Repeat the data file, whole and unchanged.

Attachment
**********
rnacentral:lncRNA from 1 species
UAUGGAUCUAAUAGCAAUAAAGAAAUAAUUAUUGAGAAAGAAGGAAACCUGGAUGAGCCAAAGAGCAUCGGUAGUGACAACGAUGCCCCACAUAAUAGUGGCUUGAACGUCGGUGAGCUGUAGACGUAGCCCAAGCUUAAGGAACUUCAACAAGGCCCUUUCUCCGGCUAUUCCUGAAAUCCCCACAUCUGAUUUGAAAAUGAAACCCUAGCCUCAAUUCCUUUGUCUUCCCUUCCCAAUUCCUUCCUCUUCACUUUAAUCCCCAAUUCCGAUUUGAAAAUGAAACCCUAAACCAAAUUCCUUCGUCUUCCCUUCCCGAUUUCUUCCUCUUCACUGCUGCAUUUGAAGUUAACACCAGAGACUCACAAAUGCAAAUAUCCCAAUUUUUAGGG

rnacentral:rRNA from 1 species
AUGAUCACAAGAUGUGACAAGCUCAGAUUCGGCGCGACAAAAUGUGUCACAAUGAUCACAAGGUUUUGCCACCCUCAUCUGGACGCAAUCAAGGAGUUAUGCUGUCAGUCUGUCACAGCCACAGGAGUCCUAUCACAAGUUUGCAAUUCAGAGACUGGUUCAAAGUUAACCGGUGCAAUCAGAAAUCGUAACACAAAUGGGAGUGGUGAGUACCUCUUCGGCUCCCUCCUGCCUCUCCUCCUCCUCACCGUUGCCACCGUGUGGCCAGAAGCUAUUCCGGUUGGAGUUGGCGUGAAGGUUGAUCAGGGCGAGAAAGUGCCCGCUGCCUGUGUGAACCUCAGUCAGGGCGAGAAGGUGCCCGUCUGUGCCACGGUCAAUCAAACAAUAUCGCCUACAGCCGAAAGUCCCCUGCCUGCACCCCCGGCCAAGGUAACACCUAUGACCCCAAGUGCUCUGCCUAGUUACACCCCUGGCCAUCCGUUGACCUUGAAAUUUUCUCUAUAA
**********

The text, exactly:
rnacentral:lncRNA from 1 species
UAUGGAUCUAAUAGCAAUAAAGAAAUAAUUAUUGAGAAAGAAGGAAACCUGGAUGAGCCAAAGAGCAUCGGUAGUGACAACGAUGCCCCACAUAAUAGUGGCUUGAACGUCGGUGAGCUGUAGACGUAGCCCAAGCUUAAGGAACUUCAACAAGGCCCUUUCUCCGGCUAUUCCUGAAAUCCCCACAUCUGAUUUGAAAAUGAAACCCUAGCCUCAAUUCCUUUGUCUUCCCUUCCCAAUUCCUUCCUCUUCACUUUAAUCCCCAAUUCCGAUUUGAAAAUGAAACCCUAAACCAAAUUCCUUCGUCUUCCCUUCCCGAUUUCUUCCUCUUCACUGCUGCAUUUGAAGUUAACACCAGAGACUCACAAAUGCAAAUAUCCCAAUUUUUAGGG

rnacentral:rRNA from 1 species
AUGAUCACAAGAUGUGACAAGCUCAGAUUCGGCGCGACAAAAUGUGUCACAAUGAUCACAAGGUUUUGCCACCCUCAUCUGGACGCAAUCAAGGAGUUAUGCUGUCAGUCUGUCACAGCCACAGGAGUCCUAUCACAAGUUUGCAAUUCAGAGACUGGUUCAAAGUUAACCGGUGCAAUCAGAAAUCGUAACACAAAUGGGAGUGGUGAGUACCUCUUCGGCUCCCUCCUGCCUCUCCUCCUCCUCACCGUUGCCACCGUGUGGCCAGAAGCUAUUCCGGUUGGAGUUGGCGUGAAGGUUGAUCAGGGCGAGAAAGUGCCCGCUGCCUGUGUGAACCUCAGUCAGGGCGAGAAGGUGCCCGUCUGUGCCACGGUCAAUCAAACAAUAUCGCCUACAGCCGAAAGUCCCCUGCCUGCACCCCCGGCCAAGGUAACACCUAUGACCCCAAGUGCUCUGCCUAGUUACACCCCUGGCCAUCCGUUGACCUUGAAAUUUUCUCUAUAA